This is illustrated when the Duke of Venice ordered Othello to prepare for immediate deployment against the Ottoman enemy. “The Turk with a most mighty preparation makes for Cyprus. Othello, the fortitude of the place is best known to you; and though we have there a substitute of most allowed sufficiency, yet opinion, a sovereign mistress of effects, throws a more safer voice on you: you must therefore be content to slubber the gloss of your new fortunes with this more stubborn and boisterous expedition. ”(Othello , 1. 3. 56) Both Oedipus and Othello have the enviable character of making duty their main concern.
They both derive honor from fully committing to the personal quests in their lives, regardless of the repercussions. Oedipus’ consuming quest for instance, is the tracking down and punishing of the murderers of his predecessor. In the process of chasing his quest, Oedipus wrongs his brother- in- law, Creon, branding him a traitor. He also succeeds in alienating his twin sons and all of Thebes. On the other hand, Othello’s’ overriding mission is the sacredness of his marriage vows and there is no end he will not go to protect their sanctity.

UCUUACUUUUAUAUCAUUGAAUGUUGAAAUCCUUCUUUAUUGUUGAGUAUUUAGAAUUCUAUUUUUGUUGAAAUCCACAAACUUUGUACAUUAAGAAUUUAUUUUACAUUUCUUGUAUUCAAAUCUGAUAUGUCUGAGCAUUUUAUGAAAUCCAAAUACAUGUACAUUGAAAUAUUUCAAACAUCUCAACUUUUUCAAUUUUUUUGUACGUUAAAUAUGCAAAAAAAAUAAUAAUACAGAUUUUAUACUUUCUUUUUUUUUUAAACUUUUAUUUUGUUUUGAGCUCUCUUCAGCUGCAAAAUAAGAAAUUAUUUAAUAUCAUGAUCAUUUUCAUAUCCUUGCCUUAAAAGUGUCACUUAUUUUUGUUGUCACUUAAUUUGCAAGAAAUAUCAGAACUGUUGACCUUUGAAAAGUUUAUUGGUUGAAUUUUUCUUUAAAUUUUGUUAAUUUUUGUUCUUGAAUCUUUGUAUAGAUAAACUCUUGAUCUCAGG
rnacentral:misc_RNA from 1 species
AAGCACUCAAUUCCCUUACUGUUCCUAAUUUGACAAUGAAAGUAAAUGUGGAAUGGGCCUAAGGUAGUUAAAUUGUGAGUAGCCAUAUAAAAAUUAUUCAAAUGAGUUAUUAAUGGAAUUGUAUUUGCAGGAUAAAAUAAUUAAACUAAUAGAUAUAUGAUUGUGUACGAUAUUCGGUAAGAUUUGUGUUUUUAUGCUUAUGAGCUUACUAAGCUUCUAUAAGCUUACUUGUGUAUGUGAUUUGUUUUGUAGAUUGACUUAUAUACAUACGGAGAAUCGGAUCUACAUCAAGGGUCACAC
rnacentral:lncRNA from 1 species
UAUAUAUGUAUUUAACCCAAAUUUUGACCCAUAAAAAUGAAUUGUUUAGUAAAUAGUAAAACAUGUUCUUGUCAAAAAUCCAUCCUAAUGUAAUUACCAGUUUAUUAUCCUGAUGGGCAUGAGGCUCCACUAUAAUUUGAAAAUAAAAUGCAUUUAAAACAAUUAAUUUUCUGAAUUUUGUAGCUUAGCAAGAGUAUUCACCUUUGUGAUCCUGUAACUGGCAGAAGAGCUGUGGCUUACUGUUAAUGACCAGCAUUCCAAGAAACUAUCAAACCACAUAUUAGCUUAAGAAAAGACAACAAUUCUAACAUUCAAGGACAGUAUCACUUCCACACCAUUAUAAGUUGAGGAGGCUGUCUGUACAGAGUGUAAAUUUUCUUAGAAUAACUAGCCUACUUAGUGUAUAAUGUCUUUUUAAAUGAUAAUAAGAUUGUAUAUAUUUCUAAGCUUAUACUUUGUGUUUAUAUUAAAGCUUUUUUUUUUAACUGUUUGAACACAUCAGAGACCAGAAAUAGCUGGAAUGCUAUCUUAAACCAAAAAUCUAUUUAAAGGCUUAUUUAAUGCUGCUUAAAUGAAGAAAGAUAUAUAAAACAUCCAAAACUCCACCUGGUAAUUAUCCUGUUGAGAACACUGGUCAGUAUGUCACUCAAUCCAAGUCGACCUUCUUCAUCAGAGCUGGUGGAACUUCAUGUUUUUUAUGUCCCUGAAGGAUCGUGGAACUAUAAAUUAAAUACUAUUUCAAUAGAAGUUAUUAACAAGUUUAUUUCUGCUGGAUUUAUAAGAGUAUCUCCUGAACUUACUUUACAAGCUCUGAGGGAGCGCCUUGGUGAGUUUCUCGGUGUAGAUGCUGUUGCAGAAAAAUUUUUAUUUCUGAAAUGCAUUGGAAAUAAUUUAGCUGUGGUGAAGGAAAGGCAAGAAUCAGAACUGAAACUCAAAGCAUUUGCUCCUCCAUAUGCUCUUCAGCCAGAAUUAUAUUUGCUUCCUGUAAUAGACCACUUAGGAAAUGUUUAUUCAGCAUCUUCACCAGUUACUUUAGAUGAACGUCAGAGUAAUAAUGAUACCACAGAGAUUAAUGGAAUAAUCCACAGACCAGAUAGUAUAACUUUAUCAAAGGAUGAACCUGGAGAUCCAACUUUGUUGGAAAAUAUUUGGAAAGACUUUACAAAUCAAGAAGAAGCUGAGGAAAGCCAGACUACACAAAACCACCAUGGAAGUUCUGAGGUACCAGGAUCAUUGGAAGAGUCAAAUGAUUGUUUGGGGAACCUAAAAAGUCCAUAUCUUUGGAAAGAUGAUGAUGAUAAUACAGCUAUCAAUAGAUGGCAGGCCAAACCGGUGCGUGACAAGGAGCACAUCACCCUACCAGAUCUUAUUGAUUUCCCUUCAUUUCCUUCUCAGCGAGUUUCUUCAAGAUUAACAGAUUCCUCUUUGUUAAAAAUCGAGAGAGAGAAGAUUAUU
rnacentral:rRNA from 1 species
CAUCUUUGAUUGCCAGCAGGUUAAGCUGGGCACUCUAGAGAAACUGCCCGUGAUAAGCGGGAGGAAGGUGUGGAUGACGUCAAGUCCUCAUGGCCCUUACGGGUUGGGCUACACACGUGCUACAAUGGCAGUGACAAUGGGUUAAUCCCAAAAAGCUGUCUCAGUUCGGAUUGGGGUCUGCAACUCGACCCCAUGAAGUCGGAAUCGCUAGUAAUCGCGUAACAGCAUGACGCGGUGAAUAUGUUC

Othello is depicted as naive. Throughout the play, Iago takes every opportunity to exploit Othello’s naivety. Iago tells Roderigo, “O, Sir, content you. I follow him to serve my turn upon him”. (Othello,1. 1. 38) This means that Iago will readily use Othello to achieve his ends and dump him when he achieves his desires. Othello on his part readily believes Iago each time even when Othello could have exercised better judgment. For instance, he heeds the deception of the wicked Iago and ignores Desdemona’s oaths and the small still voice in his heart and conscience.
Othello’s’ naivety is in stark contrast with Oedipus who trusts his own wisdom in arriving at any decision. This fact is illustrated when he pays a visit to the Oracle who confirms the worst. He still believes so much in his own reason and determines that he was the one to blame for his fate and thus accepted the consequences of his actions. Oedipus is depicted as very adamant and rigid since he will not compromise once he has decided on a course of action regardless of the cost and what any other person may think. The two legends destroy their lives courtesy of their incurable natural flaws.